About Identity Theft
How to Report Identity Theft
What to do if you believe your identity has been compromised
If you believe you may be a victim of identity theft, please take the following steps:
- Visit the www.identitytheft.gov or call (877) 438-4338 to report identity theft
- File a police report and retain the report number and the officer's name. Take the following with you:
- a copy of your Identity Theft Report
- a government-issued ID with a photo
- proof of your address (mortgage statement, rental agreement, or utilities bill)
- any other proof you have of the theft (bills, IRS notices, etc.)
- a copy of the FTC's Memo to Law Enforcement
- Contact the companies where the suspected fraud occurred:
- Explain that someone stole your identity
- Ask the business to remove fraudulent charges or close any new accounts opened in your name
- Ask the business to send you a letter confirming that:
- the fraudulent charges and/or accounts are not yours
- you are not liable for the charges/accounts
- the charges/accounts have been removed from your credit report
- Keep the letter in case the charges and/or account appears on your credit report later
- Place a free, 90-day fraud alert by contacting one of the three credit bureaus, Experian, TransUnion, or Equifax. That company must tell the other two.
- Get your free credit reports from annualcreditreport.com or call 1-877-322-8228. If you have already ordered your free report for the year you can pay to receive another one immediately or you can follow the instructions in the fraud alert confirmation letter you will receive from each credit bureau.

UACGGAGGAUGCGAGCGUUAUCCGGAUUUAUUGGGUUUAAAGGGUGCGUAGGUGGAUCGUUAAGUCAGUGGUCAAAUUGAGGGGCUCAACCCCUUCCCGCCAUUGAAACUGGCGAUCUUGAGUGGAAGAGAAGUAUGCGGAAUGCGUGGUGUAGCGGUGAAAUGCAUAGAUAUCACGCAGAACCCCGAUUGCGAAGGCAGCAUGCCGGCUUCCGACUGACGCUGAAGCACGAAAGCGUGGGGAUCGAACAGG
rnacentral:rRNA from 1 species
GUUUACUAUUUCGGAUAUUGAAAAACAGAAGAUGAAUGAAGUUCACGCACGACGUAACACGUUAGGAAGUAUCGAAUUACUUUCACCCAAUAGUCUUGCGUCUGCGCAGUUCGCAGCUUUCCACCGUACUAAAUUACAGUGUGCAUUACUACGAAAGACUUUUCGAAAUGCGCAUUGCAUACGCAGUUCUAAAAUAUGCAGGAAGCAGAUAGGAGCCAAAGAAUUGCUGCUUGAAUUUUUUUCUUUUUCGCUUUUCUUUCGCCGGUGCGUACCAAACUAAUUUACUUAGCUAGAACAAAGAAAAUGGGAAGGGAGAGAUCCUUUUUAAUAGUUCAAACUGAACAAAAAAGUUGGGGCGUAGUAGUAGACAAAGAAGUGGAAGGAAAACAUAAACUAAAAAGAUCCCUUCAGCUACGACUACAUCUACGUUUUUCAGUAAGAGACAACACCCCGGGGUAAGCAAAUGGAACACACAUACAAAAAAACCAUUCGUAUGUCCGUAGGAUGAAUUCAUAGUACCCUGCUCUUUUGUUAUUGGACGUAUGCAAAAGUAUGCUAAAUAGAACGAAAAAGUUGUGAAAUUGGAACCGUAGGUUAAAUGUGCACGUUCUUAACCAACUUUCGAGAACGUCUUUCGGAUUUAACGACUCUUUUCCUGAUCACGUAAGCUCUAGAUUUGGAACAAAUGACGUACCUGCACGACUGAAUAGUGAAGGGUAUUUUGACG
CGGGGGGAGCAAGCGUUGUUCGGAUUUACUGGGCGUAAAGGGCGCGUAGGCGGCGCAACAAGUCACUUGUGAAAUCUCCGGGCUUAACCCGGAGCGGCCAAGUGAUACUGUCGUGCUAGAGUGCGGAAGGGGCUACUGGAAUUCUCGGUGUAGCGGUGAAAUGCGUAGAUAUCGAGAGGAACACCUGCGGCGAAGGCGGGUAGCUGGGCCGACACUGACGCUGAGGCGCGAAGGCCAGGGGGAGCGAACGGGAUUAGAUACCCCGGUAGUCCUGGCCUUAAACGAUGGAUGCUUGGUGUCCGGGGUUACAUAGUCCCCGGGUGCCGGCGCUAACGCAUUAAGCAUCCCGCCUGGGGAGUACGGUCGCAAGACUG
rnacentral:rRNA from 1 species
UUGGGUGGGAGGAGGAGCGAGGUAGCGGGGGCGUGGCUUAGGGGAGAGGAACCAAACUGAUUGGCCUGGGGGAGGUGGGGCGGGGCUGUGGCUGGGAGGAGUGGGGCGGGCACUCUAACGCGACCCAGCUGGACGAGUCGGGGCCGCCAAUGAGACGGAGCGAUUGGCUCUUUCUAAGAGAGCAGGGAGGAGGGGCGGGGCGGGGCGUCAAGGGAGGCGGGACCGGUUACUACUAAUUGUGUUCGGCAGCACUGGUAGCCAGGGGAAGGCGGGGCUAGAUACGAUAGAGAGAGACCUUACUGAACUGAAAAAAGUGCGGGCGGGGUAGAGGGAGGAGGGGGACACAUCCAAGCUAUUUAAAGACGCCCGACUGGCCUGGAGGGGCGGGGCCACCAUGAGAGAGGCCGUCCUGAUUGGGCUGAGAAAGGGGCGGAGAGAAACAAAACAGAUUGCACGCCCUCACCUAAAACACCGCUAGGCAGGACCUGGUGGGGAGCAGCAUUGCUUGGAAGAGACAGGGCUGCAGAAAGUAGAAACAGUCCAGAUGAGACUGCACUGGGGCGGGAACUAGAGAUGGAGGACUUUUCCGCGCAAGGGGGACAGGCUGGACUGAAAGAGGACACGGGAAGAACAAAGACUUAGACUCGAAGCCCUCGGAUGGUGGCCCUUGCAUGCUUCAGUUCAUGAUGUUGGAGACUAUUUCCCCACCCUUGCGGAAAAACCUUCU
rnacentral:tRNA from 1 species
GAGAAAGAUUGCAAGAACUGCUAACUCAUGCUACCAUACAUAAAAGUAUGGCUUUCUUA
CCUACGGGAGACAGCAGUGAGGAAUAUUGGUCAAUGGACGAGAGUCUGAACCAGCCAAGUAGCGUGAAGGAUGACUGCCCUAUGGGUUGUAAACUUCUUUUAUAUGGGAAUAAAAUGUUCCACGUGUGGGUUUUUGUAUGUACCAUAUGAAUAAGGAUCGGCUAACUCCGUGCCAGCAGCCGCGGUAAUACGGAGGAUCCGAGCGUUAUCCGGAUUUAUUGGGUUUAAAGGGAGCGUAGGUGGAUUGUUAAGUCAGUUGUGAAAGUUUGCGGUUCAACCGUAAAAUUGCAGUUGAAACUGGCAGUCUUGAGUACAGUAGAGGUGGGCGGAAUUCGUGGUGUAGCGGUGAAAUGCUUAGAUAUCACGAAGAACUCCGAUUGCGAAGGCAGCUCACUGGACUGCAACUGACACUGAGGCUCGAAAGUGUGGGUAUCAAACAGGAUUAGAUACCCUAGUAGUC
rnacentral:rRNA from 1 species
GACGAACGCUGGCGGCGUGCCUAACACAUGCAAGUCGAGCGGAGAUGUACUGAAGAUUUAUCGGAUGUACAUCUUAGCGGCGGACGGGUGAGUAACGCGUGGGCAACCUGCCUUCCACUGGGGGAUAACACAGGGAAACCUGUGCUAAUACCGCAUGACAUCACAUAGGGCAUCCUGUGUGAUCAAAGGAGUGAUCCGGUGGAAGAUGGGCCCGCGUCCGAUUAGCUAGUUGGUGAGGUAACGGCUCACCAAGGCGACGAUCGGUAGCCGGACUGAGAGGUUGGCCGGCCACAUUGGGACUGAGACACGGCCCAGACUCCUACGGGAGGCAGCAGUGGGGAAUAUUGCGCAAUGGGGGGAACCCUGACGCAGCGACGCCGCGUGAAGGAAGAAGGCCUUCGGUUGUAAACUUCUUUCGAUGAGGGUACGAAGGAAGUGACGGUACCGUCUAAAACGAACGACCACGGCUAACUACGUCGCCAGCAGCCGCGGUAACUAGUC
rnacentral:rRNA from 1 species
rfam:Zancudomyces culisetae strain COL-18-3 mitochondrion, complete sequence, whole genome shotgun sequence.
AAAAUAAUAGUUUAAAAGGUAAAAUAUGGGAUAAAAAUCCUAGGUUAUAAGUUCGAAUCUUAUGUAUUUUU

- Correct your credit report
- Once you have an Identity Theft Report, write to each of the three credit bureaus to request that fraudulent information be removed or blocked from your credit report so that it won't show up on your credit report and you won't be liable for any charges.
- Include a copy of your Identity Theft Report and proof of your identity, like your name, address, and Social Security number.
- Explain which information on your report came from identity theft.
- Ask them to block that information.
- The FTC provides a sample letter to help in this process
- Consider adding an extended fraud alert or credit freeze, which can prevent further misuse of your personal information. The chart below explains the differences between the two:
|Extended Fraud Alert||Credit Freeze|
|Lets you have access to your credit report as long as companies take steps to verify your identity||Stops all access to your credit report unless you lift or remove it|
|Free to place and remove if someone stole your identity. Guaranteed by federal law.||Cost and availability depend on your state law. There might be a small fee for placing, lifting and removing.|
|Lasts for 7 years||Lasts until you lift or remove|
|Set it by contacting each of the three credit bureaus:
||Set it by contacting each of the three credit bureaus.
Credit Bureau Contact Information
How to contact the three major credit bureaus